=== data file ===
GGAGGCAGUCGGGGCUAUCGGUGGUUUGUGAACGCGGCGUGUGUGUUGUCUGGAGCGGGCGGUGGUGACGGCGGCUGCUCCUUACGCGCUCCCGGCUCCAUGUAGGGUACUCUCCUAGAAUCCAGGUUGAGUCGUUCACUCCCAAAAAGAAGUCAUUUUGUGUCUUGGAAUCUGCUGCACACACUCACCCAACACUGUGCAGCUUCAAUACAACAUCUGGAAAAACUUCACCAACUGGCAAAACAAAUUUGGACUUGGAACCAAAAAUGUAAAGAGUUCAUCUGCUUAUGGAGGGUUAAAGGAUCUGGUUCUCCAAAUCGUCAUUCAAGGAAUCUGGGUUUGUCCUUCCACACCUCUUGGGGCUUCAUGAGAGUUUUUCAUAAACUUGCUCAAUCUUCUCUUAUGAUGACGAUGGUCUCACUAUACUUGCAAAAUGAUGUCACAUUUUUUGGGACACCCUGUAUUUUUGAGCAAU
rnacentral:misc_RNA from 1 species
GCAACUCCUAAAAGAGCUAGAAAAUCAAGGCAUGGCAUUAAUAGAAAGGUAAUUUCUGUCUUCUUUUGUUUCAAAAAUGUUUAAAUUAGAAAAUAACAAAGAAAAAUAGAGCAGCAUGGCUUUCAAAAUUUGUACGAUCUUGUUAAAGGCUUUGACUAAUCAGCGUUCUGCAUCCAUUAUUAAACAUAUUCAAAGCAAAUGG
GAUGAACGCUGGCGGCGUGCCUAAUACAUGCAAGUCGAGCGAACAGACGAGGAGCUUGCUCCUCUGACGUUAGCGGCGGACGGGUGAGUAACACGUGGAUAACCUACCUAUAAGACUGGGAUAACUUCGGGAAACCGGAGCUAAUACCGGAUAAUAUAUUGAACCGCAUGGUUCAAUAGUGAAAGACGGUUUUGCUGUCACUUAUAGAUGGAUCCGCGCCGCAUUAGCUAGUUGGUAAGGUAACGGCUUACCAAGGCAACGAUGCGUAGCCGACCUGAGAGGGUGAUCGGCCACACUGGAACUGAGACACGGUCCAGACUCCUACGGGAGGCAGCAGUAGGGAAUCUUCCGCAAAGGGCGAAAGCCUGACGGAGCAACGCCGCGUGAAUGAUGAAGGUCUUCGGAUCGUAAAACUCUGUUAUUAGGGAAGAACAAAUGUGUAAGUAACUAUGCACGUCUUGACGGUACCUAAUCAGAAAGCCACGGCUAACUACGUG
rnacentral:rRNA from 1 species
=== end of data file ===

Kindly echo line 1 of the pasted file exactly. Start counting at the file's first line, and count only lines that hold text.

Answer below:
GGAGGCAGUCGGGGCUAUCGGUGGUUUGUGAACGCGGCGUGUGUGUUGUCUGGAGCGGGCGGUGGUGACGGCGGCUGCUCCUUACGCGCUCCCGGCUCCAUGUAGGGUACUCUCCUAGAAUCCAGGUUGAGUCGUUCACUCCCAAAAAGAAGUCAUUUUGUGUCUUGGAAUCUGCUGCACACACUCACCCAACACUGUGCAGCUUCAAUACAACAUCUGGAAAAACUUCACCAACUGGCAAAACAAAUUUGGACUUGGAACCAAAAAUGUAAAGAGUUCAUCUGCUUAUGGAGGGUUAAAGGAUCUGGUUCUCCAAAUCGUCAUUCAAGGAAUCUGGGUUUGUCCUUCCACACCUCUUGGGGCUUCAUGAGAGUUUUUCAUAAACUUGCUCAAUCUUCUCUUAUGAUGACGAUGGUCUCACUAUACUUGCAAAAUGAUGUCACAUUUUUUGGGACACCCUGUAUUUUUGAGCAAU